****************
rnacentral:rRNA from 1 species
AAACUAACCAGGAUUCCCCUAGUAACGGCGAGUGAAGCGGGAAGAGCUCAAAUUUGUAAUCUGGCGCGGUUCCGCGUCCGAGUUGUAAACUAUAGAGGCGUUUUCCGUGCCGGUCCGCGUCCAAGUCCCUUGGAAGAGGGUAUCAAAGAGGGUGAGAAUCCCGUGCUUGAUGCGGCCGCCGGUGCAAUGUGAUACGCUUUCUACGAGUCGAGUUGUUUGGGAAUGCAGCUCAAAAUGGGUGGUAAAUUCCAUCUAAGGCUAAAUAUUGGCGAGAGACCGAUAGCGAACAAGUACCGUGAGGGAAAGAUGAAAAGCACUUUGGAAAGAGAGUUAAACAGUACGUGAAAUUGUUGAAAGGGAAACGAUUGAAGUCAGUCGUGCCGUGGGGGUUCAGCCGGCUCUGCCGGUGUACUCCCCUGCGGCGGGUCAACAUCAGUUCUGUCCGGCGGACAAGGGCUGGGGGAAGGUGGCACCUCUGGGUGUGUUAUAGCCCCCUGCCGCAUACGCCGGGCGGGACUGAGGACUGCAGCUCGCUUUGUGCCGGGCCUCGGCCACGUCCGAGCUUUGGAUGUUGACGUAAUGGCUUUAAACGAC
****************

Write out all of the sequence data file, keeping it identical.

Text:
rnacentral:rRNA from 1 species
AAACUAACCAGGAUUCCCCUAGUAACGGCGAGUGAAGCGGGAAGAGCUCAAAUUUGUAAUCUGGCGCGGUUCCGCGUCCGAGUUGUAAACUAUAGAGGCGUUUUCCGUGCCGGUCCGCGUCCAAGUCCCUUGGAAGAGGGUAUCAAAGAGGGUGAGAAUCCCGUGCUUGAUGCGGCCGCCGGUGCAAUGUGAUACGCUUUCUACGAGUCGAGUUGUUUGGGAAUGCAGCUCAAAAUGGGUGGUAAAUUCCAUCUAAGGCUAAAUAUUGGCGAGAGACCGAUAGCGAACAAGUACCGUGAGGGAAAGAUGAAAAGCACUUUGGAAAGAGAGUUAAACAGUACGUGAAAUUGUUGAAAGGGAAACGAUUGAAGUCAGUCGUGCCGUGGGGGUUCAGCCGGCUCUGCCGGUGUACUCCCCUGCGGCGGGUCAACAUCAGUUCUGUCCGGCGGACAAGGGCUGGGGGAAGGUGGCACCUCUGGGUGUGUUAUAGCCCCCUGCCGCAUACGCCGGGCGGGACUGAGGACUGCAGCUCGCUUUGUGCCGGGCCUCGGCCACGUCCGAGCUUUGGAUGUUGACGUAAUGGCUUUAAACGAC